As mentioned earlier. I could not use the provider (signin/providerId) [server side]. If i use that connection will be stored in the DB

              Objective is to add a connection to DB if the FB connection is already established and not expired.

              Sample of call to retrieve accessToken
              Code:
              https://graph.facebook.com/oauth/access_token?client_id=....&client_secret=....&grant_type=client_credentials

              Comment


              • #8
                Instead of retrieving the access token using the "/oauth/access_token" endpoint, could you make the following call:

                https://graph.facebook.com/oauth/authorize?client_id=...&response_type=code&redirec t_uri=<your-redirect_url>

                I'm not sure of how your users are connecting with Facebook initially, but I'm wondering if a user is already connected if this call will result in a response containing a "Location" header in which the "code" is specified. If so, you could then use the exchangeForAccess method to exchange this code for an access token.

                Comment


                • #9
                  I guess I'm not understanding what you want to do. My understanding is that the user has already authorized your application, but via client-side JavaScript and not with server-side Spring Social stuff. But what you want to do is detect that it has happened already and use the associated access token to create a connection in Spring Social. Is that not what you are wanting to do? If not, then please help me understand where I'm wrong.

                  If it is correct, then it wouldn't take much to write some client-side JavaScript (using FB's JS API) to detect the authorization and, upon determining that there is an existing authorization, send the details of that authorization (via a REST call to some controller on the server-side) which then creates a Connection (using the FacebookConnectionFactory) and then persists that connection (using the UsersConnectionRepository).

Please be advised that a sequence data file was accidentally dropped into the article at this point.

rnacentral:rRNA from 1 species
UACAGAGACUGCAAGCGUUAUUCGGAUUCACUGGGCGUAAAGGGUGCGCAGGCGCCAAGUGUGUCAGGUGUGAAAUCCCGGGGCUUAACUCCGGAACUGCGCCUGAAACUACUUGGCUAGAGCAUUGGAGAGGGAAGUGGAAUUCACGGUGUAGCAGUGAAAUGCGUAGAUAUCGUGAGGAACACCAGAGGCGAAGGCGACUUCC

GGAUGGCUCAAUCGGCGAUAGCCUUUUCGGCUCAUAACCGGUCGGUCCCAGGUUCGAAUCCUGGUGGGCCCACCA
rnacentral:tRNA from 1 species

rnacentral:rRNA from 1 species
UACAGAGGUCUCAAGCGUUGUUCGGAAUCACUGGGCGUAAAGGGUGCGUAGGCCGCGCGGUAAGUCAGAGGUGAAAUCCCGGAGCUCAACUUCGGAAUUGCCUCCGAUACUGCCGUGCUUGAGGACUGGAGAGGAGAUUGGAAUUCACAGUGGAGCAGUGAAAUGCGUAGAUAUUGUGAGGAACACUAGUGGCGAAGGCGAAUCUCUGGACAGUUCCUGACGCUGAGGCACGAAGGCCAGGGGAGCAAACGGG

The missing pieces in all of this are the client-side code that detects the connection and sends it to the server and the server-side controller that coordinates the creation of the connection. I know that FB's JS API can do what you need (although I don't have the code for it handy).

                  Comment


                  • #10
                    Michael makes another good point...

                    If the user has already authorized your app, then hitting the authorization endpoint should result in an immediate redirect to a URL containing the authorization code (that you can then exchange for an access token)...and that redirection URL is probably in the Location header (I'm curious enough that I'm probably going to try this sometime today). If the user hasn't already authorized your app, then Facebook would return an authorization page. The trick here that I think Michael is suggesting is to hit that URL via RestTemplate or some such mechanism rather than actually redirecting to it as you'd normally do. That way the user isn't bothered with a redirect and it gives you a chance to programmatically inspect the Location header.

                    As I said, I'm curious about this now...so I'm going to try it and let you know.

                    Comment


                    • #11
                      Unfortunately, Michael's idea (although on the surface a solid one) doesn't work. Even with an established authorization, the Location header is empty and it appears that FB uses JavaScript code to do the redirect. (I say it "appears" because the body of the response is rich with JS and at least some portion of that JS code checks for a cookie and does a redirect if it *is* found, but it's a bit obfuscated and I've not bothered digging any deeper into it.) I did, however, try a diff between the response bodies for both authorized and non-authorized and found that they were essentially identical (only a few timestamp values seemed to differ).